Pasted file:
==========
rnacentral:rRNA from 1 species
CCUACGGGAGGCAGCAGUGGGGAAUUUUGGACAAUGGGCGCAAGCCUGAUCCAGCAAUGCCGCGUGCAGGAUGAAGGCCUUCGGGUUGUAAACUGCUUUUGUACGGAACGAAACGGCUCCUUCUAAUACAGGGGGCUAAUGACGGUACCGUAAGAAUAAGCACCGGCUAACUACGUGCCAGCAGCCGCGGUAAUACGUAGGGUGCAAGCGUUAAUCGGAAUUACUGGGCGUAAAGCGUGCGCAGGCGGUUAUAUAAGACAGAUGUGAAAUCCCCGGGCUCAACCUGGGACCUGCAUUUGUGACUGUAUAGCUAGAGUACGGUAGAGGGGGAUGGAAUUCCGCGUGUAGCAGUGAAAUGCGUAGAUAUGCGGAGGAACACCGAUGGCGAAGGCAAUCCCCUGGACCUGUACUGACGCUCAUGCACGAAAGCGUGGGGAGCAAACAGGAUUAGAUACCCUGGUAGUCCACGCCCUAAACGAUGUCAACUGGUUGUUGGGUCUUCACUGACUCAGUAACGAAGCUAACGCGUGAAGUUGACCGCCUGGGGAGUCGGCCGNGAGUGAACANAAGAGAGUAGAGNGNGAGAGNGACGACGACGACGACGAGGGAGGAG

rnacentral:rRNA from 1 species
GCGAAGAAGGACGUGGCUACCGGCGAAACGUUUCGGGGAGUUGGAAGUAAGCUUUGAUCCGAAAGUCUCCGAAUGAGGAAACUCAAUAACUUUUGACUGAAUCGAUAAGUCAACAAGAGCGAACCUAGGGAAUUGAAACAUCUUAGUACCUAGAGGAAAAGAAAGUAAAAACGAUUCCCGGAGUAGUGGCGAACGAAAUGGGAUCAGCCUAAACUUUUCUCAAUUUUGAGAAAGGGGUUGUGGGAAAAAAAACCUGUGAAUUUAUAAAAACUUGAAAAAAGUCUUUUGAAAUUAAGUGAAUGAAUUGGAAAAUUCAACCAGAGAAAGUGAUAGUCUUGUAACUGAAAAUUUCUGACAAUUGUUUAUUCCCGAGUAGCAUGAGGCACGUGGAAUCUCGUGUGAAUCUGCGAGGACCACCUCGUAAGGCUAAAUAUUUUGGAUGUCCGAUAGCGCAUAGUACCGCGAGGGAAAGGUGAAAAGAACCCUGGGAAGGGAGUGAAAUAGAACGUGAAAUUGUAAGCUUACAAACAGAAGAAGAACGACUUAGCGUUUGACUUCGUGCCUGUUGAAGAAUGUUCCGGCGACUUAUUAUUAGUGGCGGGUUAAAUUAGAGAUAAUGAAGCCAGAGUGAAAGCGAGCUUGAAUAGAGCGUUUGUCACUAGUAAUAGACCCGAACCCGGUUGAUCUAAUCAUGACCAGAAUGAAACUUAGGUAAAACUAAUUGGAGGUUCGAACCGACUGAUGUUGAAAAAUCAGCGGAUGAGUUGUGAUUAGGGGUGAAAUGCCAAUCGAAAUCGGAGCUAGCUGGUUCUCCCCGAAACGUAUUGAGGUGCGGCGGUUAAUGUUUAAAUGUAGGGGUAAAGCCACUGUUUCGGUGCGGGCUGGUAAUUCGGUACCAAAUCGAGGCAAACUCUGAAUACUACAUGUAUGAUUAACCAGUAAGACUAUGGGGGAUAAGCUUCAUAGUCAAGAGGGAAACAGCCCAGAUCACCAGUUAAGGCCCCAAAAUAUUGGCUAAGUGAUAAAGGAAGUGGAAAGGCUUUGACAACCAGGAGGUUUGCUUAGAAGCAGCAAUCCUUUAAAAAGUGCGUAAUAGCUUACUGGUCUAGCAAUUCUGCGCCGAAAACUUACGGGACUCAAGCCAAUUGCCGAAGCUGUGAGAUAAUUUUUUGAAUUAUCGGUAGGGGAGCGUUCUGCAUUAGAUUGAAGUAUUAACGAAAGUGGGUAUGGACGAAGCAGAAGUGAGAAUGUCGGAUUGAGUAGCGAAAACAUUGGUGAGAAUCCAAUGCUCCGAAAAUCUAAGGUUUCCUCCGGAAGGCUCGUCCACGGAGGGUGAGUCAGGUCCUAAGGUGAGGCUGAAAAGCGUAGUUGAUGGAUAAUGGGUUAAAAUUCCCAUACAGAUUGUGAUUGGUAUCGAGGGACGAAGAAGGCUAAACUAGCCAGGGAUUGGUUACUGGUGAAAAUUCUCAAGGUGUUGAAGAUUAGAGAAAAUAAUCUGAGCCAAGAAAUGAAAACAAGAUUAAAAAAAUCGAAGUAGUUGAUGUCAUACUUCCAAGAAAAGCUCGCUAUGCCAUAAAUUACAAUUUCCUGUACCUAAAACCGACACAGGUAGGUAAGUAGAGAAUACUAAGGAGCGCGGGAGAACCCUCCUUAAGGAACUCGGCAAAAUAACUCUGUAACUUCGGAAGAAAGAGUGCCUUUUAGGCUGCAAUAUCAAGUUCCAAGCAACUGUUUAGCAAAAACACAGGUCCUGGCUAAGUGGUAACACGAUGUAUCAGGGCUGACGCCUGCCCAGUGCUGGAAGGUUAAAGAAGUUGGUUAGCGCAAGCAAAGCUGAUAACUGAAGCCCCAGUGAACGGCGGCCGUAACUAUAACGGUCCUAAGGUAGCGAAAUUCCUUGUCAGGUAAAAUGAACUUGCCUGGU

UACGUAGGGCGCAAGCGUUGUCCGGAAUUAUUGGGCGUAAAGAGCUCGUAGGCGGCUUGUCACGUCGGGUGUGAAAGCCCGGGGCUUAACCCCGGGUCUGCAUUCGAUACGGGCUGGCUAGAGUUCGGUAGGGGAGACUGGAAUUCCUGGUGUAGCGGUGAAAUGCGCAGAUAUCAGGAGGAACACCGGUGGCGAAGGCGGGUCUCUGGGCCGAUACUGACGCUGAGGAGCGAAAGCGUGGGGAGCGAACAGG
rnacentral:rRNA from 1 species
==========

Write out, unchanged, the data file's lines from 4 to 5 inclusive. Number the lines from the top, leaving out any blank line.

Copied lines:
GCGAAGAAGGACGUGGCUACCGGCGAAACGUUUCGGGGAGUUGGAAGUAAGCUUUGAUCCGAAAGUCUCCGAAUGAGGAAACUCAAUAACUUUUGACUGAAUCGAUAAGUCAACAAGAGCGAACCUAGGGAAUUGAAACAUCUUAGUACCUAGAGGAAAAGAAAGUAAAAACGAUUCCCGGAGUAGUGGCGAACGAAAUGGGAUCAGCCUAAACUUUUCUCAAUUUUGAGAAAGGGGUUGUGGGAAAAAAAACCUGUGAAUUUAUAAAAACUUGAAAAAAGUCUUUUGAAAUUAAGUGAAUGAAUUGGAAAAUUCAACCAGAGAAAGUGAUAGUCUUGUAACUGAAAAUUUCUGACAAUUGUUUAUUCCCGAGUAGCAUGAGGCACGUGGAAUCUCGUGUGAAUCUGCGAGGACCACCUCGUAAGGCUAAAUAUUUUGGAUGUCCGAUAGCGCAUAGUACCGCGAGGGAAAGGUGAAAAGAACCCUGGGAAGGGAGUGAAAUAGAACGUGAAAUUGUAAGCUUACAAACAGAAGAAGAACGACUUAGCGUUUGACUUCGUGCCUGUUGAAGAAUGUUCCGGCGACUUAUUAUUAGUGGCGGGUUAAAUUAGAGAUAAUGAAGCCAGAGUGAAAGCGAGCUUGAAUAGAGCGUUUGUCACUAGUAAUAGACCCGAACCCGGUUGAUCUAAUCAUGACCAGAAUGAAACUUAGGUAAAACUAAUUGGAGGUUCGAACCGACUGAUGUUGAAAAAUCAGCGGAUGAGUUGUGAUUAGGGGUGAAAUGCCAAUCGAAAUCGGAGCUAGCUGGUUCUCCCCGAAACGUAUUGAGGUGCGGCGGUUAAUGUUUAAAUGUAGGGGUAAAGCCACUGUUUCGGUGCGGGCUGGUAAUUCGGUACCAAAUCGAGGCAAACUCUGAAUACUACAUGUAUGAUUAACCAGUAAGACUAUGGGGGAUAAGCUUCAUAGUCAAGAGGGAAACAGCCCAGAUCACCAGUUAAGGCCCCAAAAUAUUGGCUAAGUGAUAAAGGAAGUGGAAAGGCUUUGACAACCAGGAGGUUUGCUUAGAAGCAGCAAUCCUUUAAAAAGUGCGUAAUAGCUUACUGGUCUAGCAAUUCUGCGCCGAAAACUUACGGGACUCAAGCCAAUUGCCGAAGCUGUGAGAUAAUUUUUUGAAUUAUCGGUAGGGGAGCGUUCUGCAUUAGAUUGAAGUAUUAACGAAAGUGGGUAUGGACGAAGCAGAAGUGAGAAUGUCGGAUUGAGUAGCGAAAACAUUGGUGAGAAUCCAAUGCUCCGAAAAUCUAAGGUUUCCUCCGGAAGGCUCGUCCACGGAGGGUGAGUCAGGUCCUAAGGUGAGGCUGAAAAGCGUAGUUGAUGGAUAAUGGGUUAAAAUUCCCAUACAGAUUGUGAUUGGUAUCGAGGGACGAAGAAGGCUAAACUAGCCAGGGAUUGGUUACUGGUGAAAAUUCUCAAGGUGUUGAAGAUUAGAGAAAAUAAUCUGAGCCAAGAAAUGAAAACAAGAUUAAAAAAAUCGAAGUAGUUGAUGUCAUACUUCCAAGAAAAGCUCGCUAUGCCAUAAAUUACAAUUUCCUGUACCUAAAACCGACACAGGUAGGUAAGUAGAGAAUACUAAGGAGCGCGGGAGAACCCUCCUUAAGGAACUCGGCAAAAUAACUCUGUAACUUCGGAAGAAAGAGUGCCUUUUAGGCUGCAAUAUCAAGUUCCAAGCAACUGUUUAGCAAAAACACAGGUCCUGGCUAAGUGGUAACACGAUGUAUCAGGGCUGACGCCUGCCCAGUGCUGGAAGGUUAAAGAAGUUGGUUAGCGCAAGCAAAGCUGAUAACUGAAGCCCCAGUGAACGGCGGCCGUAACUAUAACGGUCCUAAGGUAGCGAAAUUCCUUGUCAGGUAAAAUGAACUUGCCUGGU

UACGUAGGGCGCAAGCGUUGUCCGGAAUUAUUGGGCGUAAAGAGCUCGUAGGCGGCUUGUCACGUCGGGUGUGAAAGCCCGGGGCUUAACCCCGGGUCUGCAUUCGAUACGGGCUGGCUAGAGUUCGGUAGGGGAGACUGGAAUUCCUGGUGUAGCGGUGAAAUGCGCAGAUAUCAGGAGGAACACCGGUGGCGAAGGCGGGUCUCUGGGCCGAUACUGACGCUGAGGAGCGAAAGCGUGGGGAGCGAACAGG